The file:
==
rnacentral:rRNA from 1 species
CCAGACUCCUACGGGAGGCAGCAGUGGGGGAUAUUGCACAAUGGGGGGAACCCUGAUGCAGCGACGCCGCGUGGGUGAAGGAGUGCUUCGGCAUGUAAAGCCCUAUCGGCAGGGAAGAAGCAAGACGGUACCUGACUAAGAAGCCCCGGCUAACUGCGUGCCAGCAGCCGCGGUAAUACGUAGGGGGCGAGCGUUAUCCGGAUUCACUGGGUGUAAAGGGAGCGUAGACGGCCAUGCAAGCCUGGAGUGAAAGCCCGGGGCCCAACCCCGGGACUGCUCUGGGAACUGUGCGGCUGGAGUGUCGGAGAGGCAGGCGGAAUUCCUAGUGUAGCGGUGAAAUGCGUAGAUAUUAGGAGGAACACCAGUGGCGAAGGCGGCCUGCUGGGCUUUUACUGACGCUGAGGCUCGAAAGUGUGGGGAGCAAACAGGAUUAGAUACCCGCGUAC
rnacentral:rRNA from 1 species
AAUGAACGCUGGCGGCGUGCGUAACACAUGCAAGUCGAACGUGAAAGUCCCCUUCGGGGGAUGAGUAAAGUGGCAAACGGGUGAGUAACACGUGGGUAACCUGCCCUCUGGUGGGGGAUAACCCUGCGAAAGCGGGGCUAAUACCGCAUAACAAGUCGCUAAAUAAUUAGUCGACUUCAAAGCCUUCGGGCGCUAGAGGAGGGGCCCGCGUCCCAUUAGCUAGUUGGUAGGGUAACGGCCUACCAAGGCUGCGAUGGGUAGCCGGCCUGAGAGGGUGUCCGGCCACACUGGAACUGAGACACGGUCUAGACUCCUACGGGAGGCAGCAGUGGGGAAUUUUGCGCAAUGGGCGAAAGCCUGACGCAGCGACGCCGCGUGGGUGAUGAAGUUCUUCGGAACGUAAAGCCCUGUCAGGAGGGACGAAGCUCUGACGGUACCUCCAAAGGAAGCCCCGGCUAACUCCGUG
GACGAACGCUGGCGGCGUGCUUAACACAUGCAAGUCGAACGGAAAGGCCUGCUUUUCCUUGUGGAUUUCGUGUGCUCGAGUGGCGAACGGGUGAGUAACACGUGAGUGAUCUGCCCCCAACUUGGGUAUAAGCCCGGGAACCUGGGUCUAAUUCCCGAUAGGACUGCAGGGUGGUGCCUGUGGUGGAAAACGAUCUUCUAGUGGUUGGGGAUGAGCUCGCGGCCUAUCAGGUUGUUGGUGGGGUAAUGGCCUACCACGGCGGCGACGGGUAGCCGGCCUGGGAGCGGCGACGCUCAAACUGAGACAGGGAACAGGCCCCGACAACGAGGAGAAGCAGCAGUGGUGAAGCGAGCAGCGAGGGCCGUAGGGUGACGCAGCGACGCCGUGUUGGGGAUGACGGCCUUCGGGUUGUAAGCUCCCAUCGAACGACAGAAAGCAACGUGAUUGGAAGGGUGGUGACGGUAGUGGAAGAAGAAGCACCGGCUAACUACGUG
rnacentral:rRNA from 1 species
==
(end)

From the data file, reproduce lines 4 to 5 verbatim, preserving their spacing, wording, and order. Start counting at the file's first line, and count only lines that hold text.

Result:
AAUGAACGCUGGCGGCGUGCGUAACACAUGCAAGUCGAACGUGAAAGUCCCCUUCGGGGGAUGAGUAAAGUGGCAAACGGGUGAGUAACACGUGGGUAACCUGCCCUCUGGUGGGGGAUAACCCUGCGAAAGCGGGGCUAAUACCGCAUAACAAGUCGCUAAAUAAUUAGUCGACUUCAAAGCCUUCGGGCGCUAGAGGAGGGGCCCGCGUCCCAUUAGCUAGUUGGUAGGGUAACGGCCUACCAAGGCUGCGAUGGGUAGCCGGCCUGAGAGGGUGUCCGGCCACACUGGAACUGAGACACGGUCUAGACUCCUACGGGAGGCAGCAGUGGGGAAUUUUGCGCAAUGGGCGAAAGCCUGACGCAGCGACGCCGCGUGGGUGAUGAAGUUCUUCGGAACGUAAAGCCCUGUCAGGAGGGACGAAGCUCUGACGGUACCUCCAAAGGAAGCCCCGGCUAACUCCGUG
GACGAACGCUGGCGGCGUGCUUAACACAUGCAAGUCGAACGGAAAGGCCUGCUUUUCCUUGUGGAUUUCGUGUGCUCGAGUGGCGAACGGGUGAGUAACACGUGAGUGAUCUGCCCCCAACUUGGGUAUAAGCCCGGGAACCUGGGUCUAAUUCCCGAUAGGACUGCAGGGUGGUGCCUGUGGUGGAAAACGAUCUUCUAGUGGUUGGGGAUGAGCUCGCGGCCUAUCAGGUUGUUGGUGGGGUAAUGGCCUACCACGGCGGCGACGGGUAGCCGGCCUGGGAGCGGCGACGCUCAAACUGAGACAGGGAACAGGCCCCGACAACGAGGAGAAGCAGCAGUGGUGAAGCGAGCAGCGAGGGCCGUAGGGUGACGCAGCGACGCCGUGUUGGGGAUGACGGCCUUCGGGUUGUAAGCUCCCAUCGAACGACAGAAAGCAACGUGAUUGGAAGGGUGGUGACGGUAGUGGAAGAAGAAGCACCGGCUAACUACGUG